New Staff

This November, the Arts Council welcomed two new staff members: Adam Burns and Clay River, as our Programs and Projects Managers and Lead Teaching Artists.

Our two new employees are Adam Burns and Clay River – both of whom are incredibly qualified for this work, bringing deep expertise in the field of arts education (particularly arts education that centers youth voice and offers wrap-around human services support), creative placemaking, community engagement, fundraising, and partnership development. We are so fortunate they applied and accepted these positions.”

-Cara Goger, Executive Director
Learn more about Adam

[They, Them, Theirs] Adam Burns joined the Mariposa Arts Council in 2022 as Projects and Programs Manager. They grew up in rural England, earned a BSc in Biology from Leeds University and a Ph.D. in Freshwater Ecology from Lancaster University. Adam brings considerable experience in community building, arts and environmental education. After moving to California in 2004, they worked as a mentor teacher at NatureBridge Yosemite before founding the Beat Harvest music education program in 2010, where they taught students of all ages to perform, create and express themselves. As a singer, songwriter and multi-instrumentalist, Adam performs as a solo artist and with various ensembles.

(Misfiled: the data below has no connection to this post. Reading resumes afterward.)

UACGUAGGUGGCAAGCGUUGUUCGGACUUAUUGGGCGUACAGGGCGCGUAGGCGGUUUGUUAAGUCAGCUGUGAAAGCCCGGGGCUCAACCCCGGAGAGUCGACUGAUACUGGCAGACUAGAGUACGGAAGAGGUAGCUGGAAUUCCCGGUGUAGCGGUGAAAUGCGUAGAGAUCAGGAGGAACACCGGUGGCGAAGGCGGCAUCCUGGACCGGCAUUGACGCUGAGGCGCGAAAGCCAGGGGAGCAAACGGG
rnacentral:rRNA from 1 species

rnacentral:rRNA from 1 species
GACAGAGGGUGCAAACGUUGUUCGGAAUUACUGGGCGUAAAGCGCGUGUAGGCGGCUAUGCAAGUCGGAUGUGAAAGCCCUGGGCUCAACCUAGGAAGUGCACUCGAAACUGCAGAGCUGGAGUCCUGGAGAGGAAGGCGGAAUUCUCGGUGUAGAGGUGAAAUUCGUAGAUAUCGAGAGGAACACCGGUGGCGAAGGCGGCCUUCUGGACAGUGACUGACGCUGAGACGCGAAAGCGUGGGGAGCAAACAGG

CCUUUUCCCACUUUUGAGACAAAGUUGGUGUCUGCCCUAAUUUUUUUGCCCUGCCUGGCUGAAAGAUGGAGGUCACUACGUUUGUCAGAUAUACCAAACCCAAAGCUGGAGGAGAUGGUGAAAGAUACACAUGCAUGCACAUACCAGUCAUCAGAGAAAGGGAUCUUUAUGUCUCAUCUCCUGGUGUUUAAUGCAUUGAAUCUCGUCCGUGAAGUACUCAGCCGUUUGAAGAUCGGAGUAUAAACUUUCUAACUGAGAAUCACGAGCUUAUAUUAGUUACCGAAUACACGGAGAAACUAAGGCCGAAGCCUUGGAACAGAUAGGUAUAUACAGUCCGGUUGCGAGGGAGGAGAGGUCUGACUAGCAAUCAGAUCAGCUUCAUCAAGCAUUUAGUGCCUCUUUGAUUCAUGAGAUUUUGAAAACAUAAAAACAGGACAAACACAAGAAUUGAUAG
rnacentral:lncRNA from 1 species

Learn more about Clay

[They, them, theirs] Clay Muwin River is a Lead Teaching Artist and Projects and Programs Manager. River has a Bachelor of Arts degree in Native Youth Education and a Master of Arts degree in Indigenous Education & Curriculum from Goddard College in Vermont.

River has a wide-ranging background deeply rooted in their Indigenous culture and works directly with culture keepers, cultural artists, tribal governments, tribal consortia, federal agencies and national and regional organizations impacting Indian country. River’s experience areas include cultural arts revitalization, Native education, curriculum, program development and implementation, social services, native wellness and community health, environmental protection and restoration, management and leadership, grant writing and positions held on cultural arts steering committees and boards.

River has served Native communities for most of their life, providing traditional education, cultural training and intergenerational guidance to build resiliency. Clay has traveled, lived and worked in many Native communities across Turtle Island and honors the knowledge learned from hundreds of traditional teachers and elders. Whether they are providing youth leadership training, assisting Elders healing from historical trauma or helping to bring indigenous wellness back to remote native communities, Clay shares their passion for being positive and proactive. River is a cultural arts activist, mural painter, poet, storyteller, weaver, beader, quilter, land steward, water protector and a member of the Passamaquoddy and Mi’kmaq Nations.